The Bible tells us that Baruch stayed with Jeremiah, and both of them were forcibly taken to Egypt by those fleeing Babylonian retribution (Jer. 43) and that is the last we hear of them. In Egypt Jeremiah prophesied that Babylon would invade and defeat Egypt, which it did in 583 BC. Jewish historian Josephus implies both men were taken captive to Babylon. Jewish rabbinic tradition suggest that Baruch was a teacher of Ezra, the priest who instructed those who had returned to Jerusalem after the Babylonian captivity.  The Lord did preserve Baruch’s life as he promised. Baruch’s life teaches us that:
How do you become great? Baruch’s life teaches us that:
- Ambition is alright, if it is God directed ambition to fulfill His plan in and through your life.
- It is dangerous to be driven by selfish ambition. An old Moravian prayer says, “From the desire of being great, good Lord, deliver us!”
- When setbacks and failures occur in my life, I need to recognize the hand of God and hear his voice. Disappointments are often His appointments, for our times are in His hands.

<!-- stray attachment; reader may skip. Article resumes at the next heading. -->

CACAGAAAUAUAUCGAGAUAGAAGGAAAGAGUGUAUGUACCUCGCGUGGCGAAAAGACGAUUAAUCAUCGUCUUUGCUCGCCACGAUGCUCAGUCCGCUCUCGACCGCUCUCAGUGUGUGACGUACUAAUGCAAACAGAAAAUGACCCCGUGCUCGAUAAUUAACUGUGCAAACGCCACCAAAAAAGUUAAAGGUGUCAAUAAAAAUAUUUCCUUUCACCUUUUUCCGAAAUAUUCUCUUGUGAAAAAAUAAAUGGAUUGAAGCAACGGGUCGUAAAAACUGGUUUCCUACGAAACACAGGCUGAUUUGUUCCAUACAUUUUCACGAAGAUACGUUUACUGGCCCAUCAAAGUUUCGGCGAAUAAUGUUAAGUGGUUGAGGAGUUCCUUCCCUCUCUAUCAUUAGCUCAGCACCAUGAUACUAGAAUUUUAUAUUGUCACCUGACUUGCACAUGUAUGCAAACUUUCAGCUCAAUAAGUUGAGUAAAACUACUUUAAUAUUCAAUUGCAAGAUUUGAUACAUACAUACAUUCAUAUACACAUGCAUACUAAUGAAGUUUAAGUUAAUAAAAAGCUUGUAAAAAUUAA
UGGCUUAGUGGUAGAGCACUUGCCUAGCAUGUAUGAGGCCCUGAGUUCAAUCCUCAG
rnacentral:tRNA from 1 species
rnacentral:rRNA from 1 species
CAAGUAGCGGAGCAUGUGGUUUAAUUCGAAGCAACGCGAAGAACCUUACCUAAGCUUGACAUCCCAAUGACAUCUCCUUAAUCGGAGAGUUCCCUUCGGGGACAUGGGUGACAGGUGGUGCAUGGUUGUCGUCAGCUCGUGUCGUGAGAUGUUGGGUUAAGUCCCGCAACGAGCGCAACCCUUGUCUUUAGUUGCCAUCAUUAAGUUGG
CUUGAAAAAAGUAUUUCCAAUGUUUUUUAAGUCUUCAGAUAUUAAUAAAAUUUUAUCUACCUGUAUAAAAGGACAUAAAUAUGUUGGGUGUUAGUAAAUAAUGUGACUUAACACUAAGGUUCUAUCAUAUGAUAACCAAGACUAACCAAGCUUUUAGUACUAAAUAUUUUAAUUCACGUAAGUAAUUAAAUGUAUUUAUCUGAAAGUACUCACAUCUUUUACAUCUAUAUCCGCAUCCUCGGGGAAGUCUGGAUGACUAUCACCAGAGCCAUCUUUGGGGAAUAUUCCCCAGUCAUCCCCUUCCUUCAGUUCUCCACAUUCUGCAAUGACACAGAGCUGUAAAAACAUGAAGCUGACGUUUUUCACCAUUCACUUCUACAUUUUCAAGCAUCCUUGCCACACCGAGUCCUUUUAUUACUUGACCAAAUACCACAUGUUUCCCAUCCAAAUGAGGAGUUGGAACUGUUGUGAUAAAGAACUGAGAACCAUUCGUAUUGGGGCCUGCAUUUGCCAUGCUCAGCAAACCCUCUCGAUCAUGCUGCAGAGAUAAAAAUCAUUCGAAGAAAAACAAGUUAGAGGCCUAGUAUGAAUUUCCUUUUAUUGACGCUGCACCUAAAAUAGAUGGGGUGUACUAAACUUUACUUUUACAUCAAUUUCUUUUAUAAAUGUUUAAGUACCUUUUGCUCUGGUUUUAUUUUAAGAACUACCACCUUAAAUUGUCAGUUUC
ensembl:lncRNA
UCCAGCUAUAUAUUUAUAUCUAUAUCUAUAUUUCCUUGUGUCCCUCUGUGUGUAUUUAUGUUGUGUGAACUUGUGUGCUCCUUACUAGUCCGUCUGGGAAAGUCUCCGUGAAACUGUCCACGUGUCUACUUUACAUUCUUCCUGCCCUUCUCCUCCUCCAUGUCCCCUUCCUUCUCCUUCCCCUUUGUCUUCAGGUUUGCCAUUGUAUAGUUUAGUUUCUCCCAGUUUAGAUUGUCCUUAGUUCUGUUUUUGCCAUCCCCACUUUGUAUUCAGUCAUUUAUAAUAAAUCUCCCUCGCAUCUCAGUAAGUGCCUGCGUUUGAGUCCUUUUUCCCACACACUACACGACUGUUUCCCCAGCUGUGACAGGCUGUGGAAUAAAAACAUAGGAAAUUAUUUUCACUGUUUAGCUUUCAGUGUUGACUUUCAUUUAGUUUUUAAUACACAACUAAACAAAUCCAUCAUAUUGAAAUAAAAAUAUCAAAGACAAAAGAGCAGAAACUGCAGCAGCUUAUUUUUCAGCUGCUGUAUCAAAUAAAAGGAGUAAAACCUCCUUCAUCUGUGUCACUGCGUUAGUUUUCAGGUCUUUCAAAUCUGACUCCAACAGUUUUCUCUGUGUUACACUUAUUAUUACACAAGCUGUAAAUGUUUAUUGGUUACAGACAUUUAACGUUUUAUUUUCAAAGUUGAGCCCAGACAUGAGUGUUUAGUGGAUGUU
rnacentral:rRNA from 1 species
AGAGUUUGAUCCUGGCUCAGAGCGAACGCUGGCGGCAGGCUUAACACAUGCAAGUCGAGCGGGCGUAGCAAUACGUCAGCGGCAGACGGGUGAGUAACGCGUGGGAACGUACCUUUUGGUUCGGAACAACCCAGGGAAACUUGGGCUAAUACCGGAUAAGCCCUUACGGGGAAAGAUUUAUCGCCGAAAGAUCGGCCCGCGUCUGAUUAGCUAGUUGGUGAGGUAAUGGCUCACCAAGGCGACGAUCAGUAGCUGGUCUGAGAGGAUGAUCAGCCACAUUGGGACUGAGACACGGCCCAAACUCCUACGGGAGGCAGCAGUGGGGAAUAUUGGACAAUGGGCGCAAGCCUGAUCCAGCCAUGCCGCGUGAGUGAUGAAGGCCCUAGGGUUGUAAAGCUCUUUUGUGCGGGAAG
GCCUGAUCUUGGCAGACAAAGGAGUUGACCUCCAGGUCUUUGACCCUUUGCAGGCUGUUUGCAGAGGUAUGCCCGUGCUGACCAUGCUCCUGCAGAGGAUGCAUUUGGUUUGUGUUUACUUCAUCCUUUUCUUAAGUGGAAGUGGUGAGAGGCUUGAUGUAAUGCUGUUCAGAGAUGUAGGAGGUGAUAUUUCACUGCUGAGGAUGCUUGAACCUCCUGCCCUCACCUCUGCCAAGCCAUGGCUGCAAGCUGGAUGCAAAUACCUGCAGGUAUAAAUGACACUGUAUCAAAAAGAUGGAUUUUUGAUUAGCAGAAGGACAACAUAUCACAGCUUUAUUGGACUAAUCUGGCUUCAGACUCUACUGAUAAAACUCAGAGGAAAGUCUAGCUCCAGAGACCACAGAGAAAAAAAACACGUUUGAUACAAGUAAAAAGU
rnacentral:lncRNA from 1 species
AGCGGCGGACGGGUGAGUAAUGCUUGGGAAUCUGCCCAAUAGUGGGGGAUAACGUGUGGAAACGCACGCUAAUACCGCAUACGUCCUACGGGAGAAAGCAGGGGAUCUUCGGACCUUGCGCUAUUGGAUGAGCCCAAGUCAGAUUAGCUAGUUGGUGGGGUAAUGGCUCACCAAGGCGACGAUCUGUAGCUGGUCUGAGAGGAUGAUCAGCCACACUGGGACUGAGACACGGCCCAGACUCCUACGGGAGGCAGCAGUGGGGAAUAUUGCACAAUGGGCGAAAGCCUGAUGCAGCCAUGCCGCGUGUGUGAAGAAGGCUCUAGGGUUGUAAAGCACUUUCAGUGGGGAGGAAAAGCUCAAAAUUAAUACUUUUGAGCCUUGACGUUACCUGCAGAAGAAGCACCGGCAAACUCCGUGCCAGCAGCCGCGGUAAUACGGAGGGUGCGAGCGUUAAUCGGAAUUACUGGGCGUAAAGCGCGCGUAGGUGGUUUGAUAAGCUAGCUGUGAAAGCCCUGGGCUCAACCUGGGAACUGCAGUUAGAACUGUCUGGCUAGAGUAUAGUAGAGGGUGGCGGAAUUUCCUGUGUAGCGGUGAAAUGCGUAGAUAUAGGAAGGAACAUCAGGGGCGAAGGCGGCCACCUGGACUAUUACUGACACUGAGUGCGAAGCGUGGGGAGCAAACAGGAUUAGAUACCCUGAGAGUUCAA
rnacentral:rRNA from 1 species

I close with the words of J. Oswald Sanders, from Robust in Faith, who learned how to trust in God’s way to greatness:
I asked of God, that He should give success to the high task, I sought for Him to do.
I asked, that every hindrance might grow less, and that my hours of weakness might be few.
I asked, that far and lofty heights be scaled; and now, I humbly thank Him that I failed.
For with the pain and sorrow, came to me a gift of tenderness in act and thought, and with the failure, came a sympathy, an insight, which success had never brought.
Father, I’d be foolish and unblessed, if You had granted me my blind request.
Hymn: #390 “May the mind of Christ my Savior”
Verse 1 – May the mind of Christ my Saviour live in me from day to day, by His love and pow’r controlling all I do and say.
Verse 2 – May the Word of God dwell richly in my heart from hour to hour, so that all may see I triumph only through His pow’r.
Verse 3 – May the peace of God my Father rule my life in everything, that I may be calm to comfort sick and sorrowing.
Verse 4 – May the love of Jesus fill me as the waters fill the sea; Him exalting self abasing, this is victory.
Verse 5 – May I run the race before me strong and brave to face the foe, looking only unto Jesus as I onward go.